Melsom, M. N., T. Flatebo, O. V. Sjaastad, A. Aulie and G. Nicolaysen. Minor redistribution of ventilation and perfusion within the lung during exercise in sheep [In Process Citation]. Acta Physiol Scand. 165:283-92, 1999.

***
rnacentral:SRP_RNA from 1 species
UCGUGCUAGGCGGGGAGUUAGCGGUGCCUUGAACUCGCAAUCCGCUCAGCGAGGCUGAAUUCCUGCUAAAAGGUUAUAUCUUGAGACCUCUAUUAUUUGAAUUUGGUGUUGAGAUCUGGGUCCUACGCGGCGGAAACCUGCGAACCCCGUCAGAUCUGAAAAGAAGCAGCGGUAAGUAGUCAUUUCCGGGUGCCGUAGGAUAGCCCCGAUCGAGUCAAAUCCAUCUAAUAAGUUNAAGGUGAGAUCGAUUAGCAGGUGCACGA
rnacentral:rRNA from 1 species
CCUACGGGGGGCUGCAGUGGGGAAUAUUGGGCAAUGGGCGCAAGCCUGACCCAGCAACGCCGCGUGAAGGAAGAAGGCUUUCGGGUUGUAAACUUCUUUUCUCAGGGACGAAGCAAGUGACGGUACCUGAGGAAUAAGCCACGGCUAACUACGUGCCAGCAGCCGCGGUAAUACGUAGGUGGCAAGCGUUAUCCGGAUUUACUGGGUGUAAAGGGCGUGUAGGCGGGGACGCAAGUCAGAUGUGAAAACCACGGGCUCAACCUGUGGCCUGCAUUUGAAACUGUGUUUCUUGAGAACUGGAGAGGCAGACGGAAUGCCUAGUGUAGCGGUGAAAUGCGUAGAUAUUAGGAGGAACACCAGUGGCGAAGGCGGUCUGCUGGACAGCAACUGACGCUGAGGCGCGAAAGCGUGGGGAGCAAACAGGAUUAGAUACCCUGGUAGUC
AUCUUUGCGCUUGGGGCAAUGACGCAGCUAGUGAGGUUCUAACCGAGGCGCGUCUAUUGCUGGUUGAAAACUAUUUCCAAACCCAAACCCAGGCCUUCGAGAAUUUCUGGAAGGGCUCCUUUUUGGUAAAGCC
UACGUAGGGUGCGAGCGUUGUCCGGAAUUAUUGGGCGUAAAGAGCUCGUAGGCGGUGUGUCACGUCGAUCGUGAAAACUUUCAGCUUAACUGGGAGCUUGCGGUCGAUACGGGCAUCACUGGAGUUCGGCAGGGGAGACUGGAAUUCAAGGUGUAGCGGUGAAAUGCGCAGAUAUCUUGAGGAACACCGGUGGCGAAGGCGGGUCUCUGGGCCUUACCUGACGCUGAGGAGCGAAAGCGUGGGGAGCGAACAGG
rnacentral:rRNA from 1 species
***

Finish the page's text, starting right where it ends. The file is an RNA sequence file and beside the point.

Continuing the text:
Considerable heterogeneity unrelated to the effect of gravity has been demonstrated for both local ventilation (V) and perfusion (Q) in the lung. Local ventilation and perfusion are well matched, so that the heterogeneity of the V/Q ratio is less than for ventilation or perfusion alone (Melsom et aL 1997). We are searching for the mechanisms responsible for the coordinate heterogeneity of ventilation and perfusion. Here, we ask how and to what extent physical exercise induces changes in the distribution of ventilation and perfusion. We measured local (approximately 1.5 cm3 tissue volume) pulmonary ventilation and perfusion simultaneously in six sheep before, during and after running on a treadmill. Local ventilation was determined from the deposition of labelled aerosol particles and local perfusion from trapping of radioactive microspheres. Cardiac output increased approximately 2.5-fold during exercise. V/Q-ratios were not normally distributed and we therefore present the heterogeneity as the interquartile range. At rest, the average interquartile ranges for local ventilation, perfusion and V/Q-ratio were 0.48, 0.51 and 0.39, respectively. During exercise, the corresponding values were 0.44, 0.40 and 0.32. Thus, the distribution of local V/Q-ratio was narrower than for ventilation and perfusion also during exercise. We found a moderate redistribution of relative flow towards the dorsal parts of the lungs when perfusion increased, but the increase in total perfusion and ventilation was for the most part throughout the lung. The results indicate that the coupling between local ventilation and perfusion is at least as potent during exercise as at rest. The correlation (r) between paired values in the two resting periods was 0.93 for ventilation and 0.91 for perfusion and thus indicates time stability for the two variables.